3. Electronic Publishing Services (EPS): standardized and sophisticated websites, using the latest development tools and advanced dynamic web interfaces to create solutions for web design, content, functionality, and usability, as well as online forms, forum and bulletin boards, and interfaces for Lab-approved credit card transactions.
  4. Photographic Services: creative and production services as well as photographic, video, and imaging solutions; photographers on call for assignments across the Laboratory and around the world; a full range of graphics products such as displays, exhibits, and signage; and an online image catalog containing over two terabytes of JPL mission imagery.

An important part of the Graphics mission is to advance the art of scientific and technical communication to other departments within the larger JPL organization. This is done through concise detail including data and facts as well as storytelling. The data, facts, and stories connect business, science, education, and research professionals within JPL offices and around the world to help create a common understanding of our planet, the universe at large, and the tools NASA/JPL is building to reveal the “mysteries” of our universe. The group uses art, photography, video, and text to illustrate and communicate. Their combination of design expertise and technical proficiency has established Graphics as the ideal partner for providing technical and scientific information and for telling customers’ stories.

The Graphics group is staffed with bright, motivated, and highly competent individuals, many of whom have decades of institutional knowledge serving JPL in this information dissemination and storytelling role. The group is composed of an impressive and intelligent staff, though some are approaching the end of their careers with very few early career staff on board. (One of the goals of the Graphics–GrCI collaboration is to identify burgeoning communication talent and bring those young people to JPL.) Many members of the Graphics staff are liberal arts–trained, which brings many benefits and broad thinking. Many are educated in areas such as English, writing, philosophy, theology, and related areas. This is definitely a plus and points to the intellectual skills of the staff and meshes with the GrCI being part of Cal Poly’s College of Liberal Arts.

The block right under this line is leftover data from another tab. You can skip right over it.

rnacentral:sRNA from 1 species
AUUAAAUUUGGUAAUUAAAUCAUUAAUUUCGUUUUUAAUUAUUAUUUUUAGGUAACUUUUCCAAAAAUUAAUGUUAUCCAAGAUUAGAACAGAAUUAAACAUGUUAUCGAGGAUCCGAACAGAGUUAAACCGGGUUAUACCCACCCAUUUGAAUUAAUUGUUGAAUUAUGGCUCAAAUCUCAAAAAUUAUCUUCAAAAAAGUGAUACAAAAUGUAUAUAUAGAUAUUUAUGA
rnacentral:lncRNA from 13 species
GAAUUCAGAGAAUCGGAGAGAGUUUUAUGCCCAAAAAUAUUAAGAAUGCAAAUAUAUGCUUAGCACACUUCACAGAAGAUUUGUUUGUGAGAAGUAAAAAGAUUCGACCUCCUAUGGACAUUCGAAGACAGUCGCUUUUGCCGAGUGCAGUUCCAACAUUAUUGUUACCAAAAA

The audit will be followed with a training session for EPS staff on-site at Cal Poly delivered by the GrCI. Even before the training, Graphics already started implementing several of the audit recommendations for the EPS team, especially those crystallized in the following excerpt from the GrCI report:

“The organizational structure of each (Graphics) section should emulate a traditional organizational structure with supervisory personnel having a span of control of 1 to 6 employees optimally or 1 to 7 or 8 employees maximum. This would provide the opportunity for all staff to be subject to the same operating procedures and expectation as opposed to the “freelance” structure that presently exists. Effective models for this structure might be the Photographic Services and Design Services teams where a more traditional organizational reporting structure seems to exist with a clear hub and ‘connecting spokes’.” In the cases of both of these other teams, there is a clear “point person” who is responsible for task assignments, resource allocation, and project oversight.

The goal of the follow-on training will be to establish a set of best practices in EPS for project management, customer service, and web development technologies. This group-training program will provide a common foundation of knowledge, establish a shared vocabulary to aid collaboration, and “kick-start” individual training in specific job-related areas. Levenson said, “We will cover in-depth topics related to web workflow optimization and conduct hands-on exercises using modern web development techniques to deliver fully responsive experiences across a variety of web-enabled devices.” Cal Poly’s GrCI is a highly recognized leader in graphic communication research, testing, product evaluations, and training in print as well as non-print digital imaging processes including web development and Internet publishing.